This morning some of our team travelled up to Basing House to finalise plans with the staff at the site, and to look again at some of the things we’ll be working on while we’re digging later this month.
First of all though, we couldn’t resist going to look at the recently discovered Tudor fireplace, found by the building contractors whilst they have been working hard to fix brickwork issues on the standing remains. It was a beautiful bright morning, and so I managed to get some snaps of the fireplace that are light enough to see some great details.
In the photo, you get a nice view of the plaster that has survived around the outside of the fireplace.
Here, you can see the rectangular holes in the wall next to the fireplace, that would have been used to fix pegs into so that wooden panels could be fixed to the walls.
This shows off the plaster detail, and also tantalisingly shows the gapping hole in the centre of the top of the fireplace. I bet there was a gorgeous massive decorated lintel in there! Makes you wonder when it was removed… and indeed whether it’s still around somewhere in the huge collection of stonework and plasterwork that Hampshire County Council Museums Service looks after.
After we’d visited the fireplace, we went to mark out the outside perimeter of the trench. The space we’re going to be digging in is just under 20m by 20m. It’s huge! We knew how big it was, as we’ve been studying the original drawings from the 1960s excavation in ArcGIS. ArcGIS is the piece of software that we use for mapping. GIS stands for Geographical Information System.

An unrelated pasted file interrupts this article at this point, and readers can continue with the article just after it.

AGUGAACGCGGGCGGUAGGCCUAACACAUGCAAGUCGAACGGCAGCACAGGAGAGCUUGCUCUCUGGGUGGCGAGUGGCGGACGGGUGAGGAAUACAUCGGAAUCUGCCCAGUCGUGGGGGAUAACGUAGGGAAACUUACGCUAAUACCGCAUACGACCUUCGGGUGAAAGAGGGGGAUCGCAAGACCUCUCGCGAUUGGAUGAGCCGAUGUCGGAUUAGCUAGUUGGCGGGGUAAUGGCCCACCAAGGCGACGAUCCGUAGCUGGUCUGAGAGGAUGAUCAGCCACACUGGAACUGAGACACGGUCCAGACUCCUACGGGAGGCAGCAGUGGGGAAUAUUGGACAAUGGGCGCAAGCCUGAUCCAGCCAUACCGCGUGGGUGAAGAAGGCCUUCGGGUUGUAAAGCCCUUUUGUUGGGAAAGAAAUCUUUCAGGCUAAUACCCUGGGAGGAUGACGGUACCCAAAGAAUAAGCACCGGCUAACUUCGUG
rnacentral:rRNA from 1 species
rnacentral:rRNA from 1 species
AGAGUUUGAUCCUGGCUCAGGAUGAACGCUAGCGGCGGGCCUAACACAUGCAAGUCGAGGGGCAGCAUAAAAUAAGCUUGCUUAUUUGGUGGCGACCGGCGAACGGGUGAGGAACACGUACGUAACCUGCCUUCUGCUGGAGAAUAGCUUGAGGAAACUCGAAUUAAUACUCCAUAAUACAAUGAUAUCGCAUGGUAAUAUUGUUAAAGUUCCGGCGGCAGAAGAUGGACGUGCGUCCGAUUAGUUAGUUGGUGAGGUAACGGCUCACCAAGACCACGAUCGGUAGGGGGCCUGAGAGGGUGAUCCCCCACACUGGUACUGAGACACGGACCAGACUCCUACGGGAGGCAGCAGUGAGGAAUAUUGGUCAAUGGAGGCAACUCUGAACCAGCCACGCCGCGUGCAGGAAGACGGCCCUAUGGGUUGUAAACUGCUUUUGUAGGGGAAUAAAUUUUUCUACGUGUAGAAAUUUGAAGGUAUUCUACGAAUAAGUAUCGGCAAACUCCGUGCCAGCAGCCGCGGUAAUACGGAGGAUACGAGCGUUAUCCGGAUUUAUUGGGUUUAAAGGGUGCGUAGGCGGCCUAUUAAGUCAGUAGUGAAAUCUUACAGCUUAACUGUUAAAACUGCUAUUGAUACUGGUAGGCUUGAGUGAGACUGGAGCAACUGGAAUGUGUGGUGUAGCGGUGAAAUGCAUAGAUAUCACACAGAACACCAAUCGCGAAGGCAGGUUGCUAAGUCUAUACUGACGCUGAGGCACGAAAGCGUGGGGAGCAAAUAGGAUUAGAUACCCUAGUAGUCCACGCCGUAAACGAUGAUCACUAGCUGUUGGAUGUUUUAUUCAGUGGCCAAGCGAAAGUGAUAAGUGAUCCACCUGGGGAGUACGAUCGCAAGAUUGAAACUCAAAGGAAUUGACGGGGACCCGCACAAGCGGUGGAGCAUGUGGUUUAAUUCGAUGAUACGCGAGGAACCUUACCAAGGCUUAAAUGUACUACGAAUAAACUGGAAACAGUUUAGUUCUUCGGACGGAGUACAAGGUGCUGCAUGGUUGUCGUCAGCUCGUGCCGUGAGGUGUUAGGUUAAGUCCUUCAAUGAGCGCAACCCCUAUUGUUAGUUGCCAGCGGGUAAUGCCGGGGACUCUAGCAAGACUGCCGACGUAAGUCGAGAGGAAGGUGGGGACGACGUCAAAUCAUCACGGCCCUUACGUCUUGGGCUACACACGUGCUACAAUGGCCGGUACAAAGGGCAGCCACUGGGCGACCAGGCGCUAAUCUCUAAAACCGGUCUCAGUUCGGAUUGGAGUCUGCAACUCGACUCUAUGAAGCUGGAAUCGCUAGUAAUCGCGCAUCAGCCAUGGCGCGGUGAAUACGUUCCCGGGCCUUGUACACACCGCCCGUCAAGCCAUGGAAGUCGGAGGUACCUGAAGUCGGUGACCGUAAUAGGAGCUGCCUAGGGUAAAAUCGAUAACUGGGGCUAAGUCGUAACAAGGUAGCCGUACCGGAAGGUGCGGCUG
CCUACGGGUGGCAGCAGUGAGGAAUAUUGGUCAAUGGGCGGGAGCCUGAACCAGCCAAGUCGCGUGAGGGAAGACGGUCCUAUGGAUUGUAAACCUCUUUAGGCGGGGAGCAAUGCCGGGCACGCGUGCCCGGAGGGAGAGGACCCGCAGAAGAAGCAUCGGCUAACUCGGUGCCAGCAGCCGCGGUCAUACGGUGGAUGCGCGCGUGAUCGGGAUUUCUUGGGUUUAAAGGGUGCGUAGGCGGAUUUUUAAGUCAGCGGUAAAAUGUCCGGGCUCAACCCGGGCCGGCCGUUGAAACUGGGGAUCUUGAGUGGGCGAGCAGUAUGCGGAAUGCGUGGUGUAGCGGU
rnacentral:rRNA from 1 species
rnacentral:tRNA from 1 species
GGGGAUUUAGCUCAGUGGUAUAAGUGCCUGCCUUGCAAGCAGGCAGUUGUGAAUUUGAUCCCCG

Here’s an example of what we’ve been looking at on our computer screens:
Dan has been working hard on the survey data from April-May, and has also been digitising old plans and maps of the site, to put together a more complete record of the previous excavations at Basing House.
We did a quick walk of the perimeter, and planned locations for things like the spoil heap, and site tent.
The tiny building in the distance is the Bothy, which we are going to be using as our finds identification hut during the course of the excavation, so you’ll be able to visit us and see what we’ve been up to.